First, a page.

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the best and worst of the operasphere in 2012

This year was one for the books, so to speak. My 2012 marked many new and challenging review opportunities–thirteen in all, ranging from Philadelphia to New York.

You can read all my reviews on Bachtrack at this link.

Melodic contemporary operas, classic operas done in outlandish contemporary style, never before seen operas, and even opera/musical theatre mash-ups. I saw some pretty good productions with some singularly splendid moments. I watched some not so good productions with several redeeming moments.

Rarely did a see a wonderful opera replete with splendid moments. But it happened at least twice this past year.

Herewith are my best and worst moments of the 2012 season, occurring both on and offstage.

The Best of 2012

For me, the best single production was a tie between Nico Muhly’s Dark Sisters presented by the Opera Company of Philadelphia and Glimmerglass Festival’s Lost in the Stars.

Dark Sisters: The wives of The Prophet, left to right sung by Margaret Lattimore, Eve Gigliotti, Jennifer Zetlan, Caitlin Lynch, and Jennifer Check, appear on a news show to appeal for the return of their children. TV personality “King” is sung by Kevin Burdette.| c. of Opera Company of Philadelphia | Kelly and Massa Photography

I was enthralled by Dark Sisters, a contemporary opera about the plight of women trapped in plural marriage—one husband with multiple wives. You can read the full review here, but suffice it to say that it was a moving, beautifully sung, and technologically stunning production.

Met star Eric Owens (center) in “Lost in the Stars”

Likewise, the Glimmerglass Festival’s Lost in the Stars, an opera/musical mash-up written by Kurt Weill adapted from the novel Cry, the Beloved Country by Alan Paton was a first-rate show.  It was a co-production with Cape Town Opera where it first played with performers who themselves experienced apartheid. Interestingly, Weill wrote this show  as a way to “deepen the American musical theater experience.” Lost in the Stars actually deepened and broadened my opera-going experience.  The full review is available here.

The Worst of 2012

I don’t really want to denigrate any single production or performer–that’s not what Operatoonity is about.  I prefer civility first.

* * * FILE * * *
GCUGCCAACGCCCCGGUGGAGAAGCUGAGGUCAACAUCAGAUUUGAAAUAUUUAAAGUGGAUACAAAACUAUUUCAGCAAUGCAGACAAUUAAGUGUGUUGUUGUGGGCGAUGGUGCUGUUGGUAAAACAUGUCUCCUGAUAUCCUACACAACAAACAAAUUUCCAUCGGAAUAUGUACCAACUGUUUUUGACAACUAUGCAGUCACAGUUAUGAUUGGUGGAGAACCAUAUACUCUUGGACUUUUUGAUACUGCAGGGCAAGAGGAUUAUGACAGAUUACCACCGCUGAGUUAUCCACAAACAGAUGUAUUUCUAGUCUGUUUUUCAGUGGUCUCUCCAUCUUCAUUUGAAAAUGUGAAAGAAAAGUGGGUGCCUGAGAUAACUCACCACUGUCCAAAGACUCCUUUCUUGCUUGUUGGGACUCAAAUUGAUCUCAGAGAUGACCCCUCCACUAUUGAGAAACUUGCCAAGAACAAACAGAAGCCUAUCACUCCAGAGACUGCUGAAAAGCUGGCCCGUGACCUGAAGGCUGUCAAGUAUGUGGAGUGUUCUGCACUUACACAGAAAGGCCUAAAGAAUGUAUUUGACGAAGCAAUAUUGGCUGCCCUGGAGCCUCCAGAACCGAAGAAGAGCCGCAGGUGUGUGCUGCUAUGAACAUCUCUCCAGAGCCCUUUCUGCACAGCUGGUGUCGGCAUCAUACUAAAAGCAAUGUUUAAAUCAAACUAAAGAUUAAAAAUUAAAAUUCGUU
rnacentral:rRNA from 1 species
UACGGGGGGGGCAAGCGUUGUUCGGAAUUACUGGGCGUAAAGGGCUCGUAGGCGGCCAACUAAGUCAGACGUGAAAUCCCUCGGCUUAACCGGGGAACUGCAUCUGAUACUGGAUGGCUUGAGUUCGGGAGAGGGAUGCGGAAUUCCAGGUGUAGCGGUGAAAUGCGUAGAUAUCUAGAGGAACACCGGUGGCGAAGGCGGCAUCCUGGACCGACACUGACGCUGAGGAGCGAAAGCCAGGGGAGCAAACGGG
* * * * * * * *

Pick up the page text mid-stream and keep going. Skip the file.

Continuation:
However, I will say that having no #Operaplot Contest this year was a huge personal disappointment.

I can scarcely begin to describe how much I enjoyed participating and reading other entries. I’m sure it is a bear to organize and judge, but that doesn’t diminish the fact that mounting no annual contest was one (of  precious few ) Twitter campaigns sorely missed.

The other disappointment I grappled with was being emailed by a young performer after I didn’t include his name in a review. Yes, he was a lead performer, and he was understandably disappointed not to have been mentioned. However, since he was a young artist, I took the high road and excluded him rather than write an unfavorable review. I asked him if I could interview him on this blog about the challenges of preparing for a professional career singing opera, kind of as a makey-up, and he  declined to participate, another major disappointment.

To all stage performers out there, I need to remind you that reviewer is more than likely a working person who does opera reviewing in his or her spare time. She is overworked, tired, traveled a distance to get there, and endeavors to write an honest review. Therefore, if you don’t intend to bring everything you have to your performance, your overworked, overstimulated, and simultaneously exhausted reviewer (who has seen more than 35 full-length operas and recitals in venues from D.C. to the Met in the last 28 months) is likely to notice.

That’s it for Operatoonity’s birds-eye view of the best and worst of 2012.

Here’s to happy opera viewing and greener musical pastures in 2013.

 

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Filed under Best of Operatoonity, favorites, Festival Opera, Performers, Rant, Regional opera, Reviews